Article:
“All seems beautiful to me” (Walt Whitman, “Song of the Open Road” Section 5).
And so you are to me, at least when I’m functioning in the spirit of the heart and not of the ego. I have written much of the ego and the heart over the last few months.
Why? The ego tries to insulate our core Self, but we are creatures of infinite love who deeply desired to be connected to others, to this natural world, to the Universe itself because infinity dwells in us. We embody infinite love.
Not everyone thinks about this or feels this. What causes anyone to shun acknowledging infinite love as being their essential composition? Ego — which is why I have referred to it so much.
And in Walt Whitman’s “Song of the Open Road” so does he. Oh, he doesn’t use the word ego, but it is clearly there, as is the concept of walking in the reality of an intimate knowledge of his heart, which puts him in touch with himself and infinite love.
Where does this occur in the poem? I will share a few places that show we can accept and connect with one another; we can share in infinite love wherever and whenever we are. “I carry them, men and women, I carry them with me wherever I go, / I swear it is impossible for me to get rid of them, / I am fill’d with them, and I will fill them in return” (1). All are accepted, embraced.
How do you and I measure up to that concept? Do we accept and embrace others for who and what they are? That does not mean we condone or even agree with all that makes up others, but it means we understand and value and love one another. Ego would put up walls and limits to that, but the poet says (yes, English teachers, I know it’s the narrator), “From this hour I ordain myself loos’d of all limits and imaginary lines” (5).
He recognizes that those to whom he feels closest may well be walking within the self-imposed constructs of the ego. At one point, he almost orders his fellow travelers on the road to leave those ego walls behind: “Out of the dark confinement! out from behind the screen!/ It is useless to protest, I know all and expose it. … Another self, a duplicate of every one, skulking and hiding it goes…speaking of anything else but never itself.”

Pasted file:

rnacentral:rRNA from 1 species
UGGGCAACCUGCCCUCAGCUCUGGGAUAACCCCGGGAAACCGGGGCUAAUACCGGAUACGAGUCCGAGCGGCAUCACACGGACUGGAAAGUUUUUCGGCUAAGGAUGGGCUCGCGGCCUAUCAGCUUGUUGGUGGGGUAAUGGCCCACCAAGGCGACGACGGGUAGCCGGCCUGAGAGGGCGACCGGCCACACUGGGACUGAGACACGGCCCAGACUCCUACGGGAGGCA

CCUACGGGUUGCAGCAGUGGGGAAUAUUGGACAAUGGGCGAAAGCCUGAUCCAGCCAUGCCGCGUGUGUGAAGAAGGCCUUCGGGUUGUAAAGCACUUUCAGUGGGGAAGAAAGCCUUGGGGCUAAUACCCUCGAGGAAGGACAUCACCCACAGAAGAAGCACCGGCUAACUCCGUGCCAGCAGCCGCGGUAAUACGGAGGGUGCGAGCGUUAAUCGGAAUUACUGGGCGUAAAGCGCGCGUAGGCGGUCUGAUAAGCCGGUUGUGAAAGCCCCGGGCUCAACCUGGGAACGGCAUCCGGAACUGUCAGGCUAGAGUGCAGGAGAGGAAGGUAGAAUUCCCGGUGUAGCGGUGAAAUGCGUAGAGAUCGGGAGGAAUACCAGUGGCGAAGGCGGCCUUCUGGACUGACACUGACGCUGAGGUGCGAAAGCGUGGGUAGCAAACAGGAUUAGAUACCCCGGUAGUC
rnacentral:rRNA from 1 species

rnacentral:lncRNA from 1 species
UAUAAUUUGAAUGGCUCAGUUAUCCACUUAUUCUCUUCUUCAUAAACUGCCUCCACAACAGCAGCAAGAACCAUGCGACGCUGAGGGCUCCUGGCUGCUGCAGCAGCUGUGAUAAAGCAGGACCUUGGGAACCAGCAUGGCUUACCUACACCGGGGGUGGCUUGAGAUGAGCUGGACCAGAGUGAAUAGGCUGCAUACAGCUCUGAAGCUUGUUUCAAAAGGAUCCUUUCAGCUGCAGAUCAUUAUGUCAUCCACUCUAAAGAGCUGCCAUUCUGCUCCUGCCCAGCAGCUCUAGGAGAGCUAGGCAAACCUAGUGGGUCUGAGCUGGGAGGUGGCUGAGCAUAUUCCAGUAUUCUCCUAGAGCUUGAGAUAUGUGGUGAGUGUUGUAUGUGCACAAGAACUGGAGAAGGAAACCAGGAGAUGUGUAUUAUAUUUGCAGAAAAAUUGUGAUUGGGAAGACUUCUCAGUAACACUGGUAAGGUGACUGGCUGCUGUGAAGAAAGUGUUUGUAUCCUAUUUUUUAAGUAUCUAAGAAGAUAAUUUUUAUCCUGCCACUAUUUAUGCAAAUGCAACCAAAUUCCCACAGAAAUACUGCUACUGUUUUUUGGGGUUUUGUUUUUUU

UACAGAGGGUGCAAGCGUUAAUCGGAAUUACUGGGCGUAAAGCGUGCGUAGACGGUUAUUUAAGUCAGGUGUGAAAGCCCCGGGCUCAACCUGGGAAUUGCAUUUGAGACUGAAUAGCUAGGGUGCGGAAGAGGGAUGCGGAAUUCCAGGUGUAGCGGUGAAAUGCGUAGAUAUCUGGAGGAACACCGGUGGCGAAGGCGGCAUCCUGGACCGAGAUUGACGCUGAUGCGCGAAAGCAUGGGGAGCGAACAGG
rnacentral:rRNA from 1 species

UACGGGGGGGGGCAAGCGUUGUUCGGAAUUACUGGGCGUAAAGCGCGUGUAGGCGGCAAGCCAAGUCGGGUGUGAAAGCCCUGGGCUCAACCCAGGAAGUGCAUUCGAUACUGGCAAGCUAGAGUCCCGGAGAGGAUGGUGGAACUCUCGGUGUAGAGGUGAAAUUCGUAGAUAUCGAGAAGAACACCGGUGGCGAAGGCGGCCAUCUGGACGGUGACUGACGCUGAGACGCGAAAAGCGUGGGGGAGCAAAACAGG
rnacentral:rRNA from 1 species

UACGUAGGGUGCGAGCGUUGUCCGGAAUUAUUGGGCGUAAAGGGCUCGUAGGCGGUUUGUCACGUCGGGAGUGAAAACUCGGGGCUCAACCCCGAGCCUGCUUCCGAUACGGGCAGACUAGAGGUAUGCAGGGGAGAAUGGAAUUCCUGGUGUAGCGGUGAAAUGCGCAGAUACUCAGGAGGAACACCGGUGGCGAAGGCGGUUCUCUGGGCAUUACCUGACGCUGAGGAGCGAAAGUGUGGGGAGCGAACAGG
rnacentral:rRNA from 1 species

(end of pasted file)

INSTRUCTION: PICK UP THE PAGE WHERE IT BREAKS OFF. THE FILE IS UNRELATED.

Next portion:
Oh, how good are we at speaking of everything else but our true self? I would accept you. Will you accept me? Will you accept one another?
Yes, I will be idealistic for myself, but I wish it for you, because I want you to realize “None but are accepted, none but shall be dear to me” (2). You may think I’m odd, and that is okay because “Whoever denies me it shall not trouble me, / Whoever accepts me, he or she shall be blessed and shall bless me” (5).
Why have I written this? “Here is realization, / Here is a man tallied — he realizes here what he has in him, / The past, the future, majesty, love…” (6). You say you have all sorts of troubles? Here is what you need to know: your soul is eternal; you are beautiful and dignified; you are love. The only solution to all the sucky crap going on in the world and with us personally can’t be fixed by government, education, money, or anything else BEFORE we come to this self-awareness.
“All seems beautiful to me.” Each of you.
Questions to consider:
How many times have you asked yourself or simply thought about the following questions?
Who am I, really?
What is my truth?
How do my actions reveal what I really feel and believe?
What would I do with my life if I could do anything?
What is my passion?
Why am I here?
How can I discover answers to any of these questions?
If you have considered any of these questions, I hope that my experiences and writing will give you some guidance. Please read my blog and comment and share your thoughts. I would love to hear from you!